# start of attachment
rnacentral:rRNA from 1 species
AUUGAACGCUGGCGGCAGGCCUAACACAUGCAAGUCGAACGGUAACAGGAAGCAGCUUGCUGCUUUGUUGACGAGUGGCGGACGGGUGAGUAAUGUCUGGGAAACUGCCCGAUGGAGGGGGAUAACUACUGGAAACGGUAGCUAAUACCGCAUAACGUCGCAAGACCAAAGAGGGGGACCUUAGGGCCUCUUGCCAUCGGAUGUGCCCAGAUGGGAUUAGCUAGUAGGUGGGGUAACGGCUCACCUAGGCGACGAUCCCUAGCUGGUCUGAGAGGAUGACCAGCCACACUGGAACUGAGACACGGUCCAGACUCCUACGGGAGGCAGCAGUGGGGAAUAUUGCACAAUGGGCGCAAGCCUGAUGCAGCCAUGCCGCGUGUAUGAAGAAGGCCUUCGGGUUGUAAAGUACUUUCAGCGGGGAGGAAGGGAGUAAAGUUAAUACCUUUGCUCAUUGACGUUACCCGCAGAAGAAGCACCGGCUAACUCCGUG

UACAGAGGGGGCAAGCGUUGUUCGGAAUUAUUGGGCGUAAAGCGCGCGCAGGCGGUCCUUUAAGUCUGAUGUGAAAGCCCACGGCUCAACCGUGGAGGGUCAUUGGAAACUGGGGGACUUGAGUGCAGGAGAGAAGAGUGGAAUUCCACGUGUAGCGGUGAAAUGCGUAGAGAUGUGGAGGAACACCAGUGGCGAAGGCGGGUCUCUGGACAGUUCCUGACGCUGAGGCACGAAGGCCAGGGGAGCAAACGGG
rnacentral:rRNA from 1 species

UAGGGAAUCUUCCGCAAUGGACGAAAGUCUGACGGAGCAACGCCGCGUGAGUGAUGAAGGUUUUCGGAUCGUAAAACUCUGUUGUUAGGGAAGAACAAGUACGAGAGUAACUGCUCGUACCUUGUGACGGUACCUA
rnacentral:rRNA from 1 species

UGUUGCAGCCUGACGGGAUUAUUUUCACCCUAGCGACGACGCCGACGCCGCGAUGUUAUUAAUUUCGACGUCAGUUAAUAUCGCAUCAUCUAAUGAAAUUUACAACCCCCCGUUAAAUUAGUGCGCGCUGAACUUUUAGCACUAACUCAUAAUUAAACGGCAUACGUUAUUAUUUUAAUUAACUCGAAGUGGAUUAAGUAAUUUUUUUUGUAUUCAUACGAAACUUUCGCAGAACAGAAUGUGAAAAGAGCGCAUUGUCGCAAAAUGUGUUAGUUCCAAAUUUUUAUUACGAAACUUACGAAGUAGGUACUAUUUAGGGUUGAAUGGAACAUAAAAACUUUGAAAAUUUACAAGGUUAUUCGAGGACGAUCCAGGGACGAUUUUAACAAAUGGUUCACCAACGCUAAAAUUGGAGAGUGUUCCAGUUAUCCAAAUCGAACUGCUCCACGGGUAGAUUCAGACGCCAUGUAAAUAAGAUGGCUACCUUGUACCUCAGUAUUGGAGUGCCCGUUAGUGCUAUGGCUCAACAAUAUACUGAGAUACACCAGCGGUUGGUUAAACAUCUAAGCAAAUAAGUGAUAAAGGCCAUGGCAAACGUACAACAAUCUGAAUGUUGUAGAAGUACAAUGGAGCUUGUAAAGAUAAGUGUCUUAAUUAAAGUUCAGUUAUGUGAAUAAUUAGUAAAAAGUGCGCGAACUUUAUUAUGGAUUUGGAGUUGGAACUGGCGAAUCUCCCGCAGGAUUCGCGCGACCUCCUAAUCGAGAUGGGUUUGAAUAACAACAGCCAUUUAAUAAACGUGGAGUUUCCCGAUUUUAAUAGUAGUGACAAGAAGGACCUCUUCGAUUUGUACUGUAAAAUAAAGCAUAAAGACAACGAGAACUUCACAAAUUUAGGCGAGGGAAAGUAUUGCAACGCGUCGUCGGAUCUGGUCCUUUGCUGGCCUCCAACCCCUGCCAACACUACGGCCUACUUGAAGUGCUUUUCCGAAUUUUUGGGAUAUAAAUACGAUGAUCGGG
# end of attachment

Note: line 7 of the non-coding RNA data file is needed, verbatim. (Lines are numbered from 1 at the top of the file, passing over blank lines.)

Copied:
UGUUGCAGCCUGACGGGAUUAUUUUCACCCUAGCGACGACGCCGACGCCGCGAUGUUAUUAAUUUCGACGUCAGUUAAUAUCGCAUCAUCUAAUGAAAUUUACAACCCCCCGUUAAAUUAGUGCGCGCUGAACUUUUAGCACUAACUCAUAAUUAAACGGCAUACGUUAUUAUUUUAAUUAACUCGAAGUGGAUUAAGUAAUUUUUUUUGUAUUCAUACGAAACUUUCGCAGAACAGAAUGUGAAAAGAGCGCAUUGUCGCAAAAUGUGUUAGUUCCAAAUUUUUAUUACGAAACUUACGAAGUAGGUACUAUUUAGGGUUGAAUGGAACAUAAAAACUUUGAAAAUUUACAAGGUUAUUCGAGGACGAUCCAGGGACGAUUUUAACAAAUGGUUCACCAACGCUAAAAUUGGAGAGUGUUCCAGUUAUCCAAAUCGAACUGCUCCACGGGUAGAUUCAGACGCCAUGUAAAUAAGAUGGCUACCUUGUACCUCAGUAUUGGAGUGCCCGUUAGUGCUAUGGCUCAACAAUAUACUGAGAUACACCAGCGGUUGGUUAAACAUCUAAGCAAAUAAGUGAUAAAGGCCAUGGCAAACGUACAACAAUCUGAAUGUUGUAGAAGUACAAUGGAGCUUGUAAAGAUAAGUGUCUUAAUUAAAGUUCAGUUAUGUGAAUAAUUAGUAAAAAGUGCGCGAACUUUAUUAUGGAUUUGGAGUUGGAACUGGCGAAUCUCCCGCAGGAUUCGCGCGACCUCCUAAUCGAGAUGGGUUUGAAUAACAACAGCCAUUUAAUAAACGUGGAGUUUCCCGAUUUUAAUAGUAGUGACAAGAAGGACCUCUUCGAUUUGUACUGUAAAAUAAAGCAUAAAGACAACGAGAACUUCACAAAUUUAGGCGAGGGAAAGUAUUGCAACGCGUCGUCGGAUCUGGUCCUUUGCUGGCCUCCAACCCCUGCCAACACUACGGCCUACUUGAAGUGCUUUUCCGAAUUUUUGGGAUAUAAAUACGAUGAUCGGG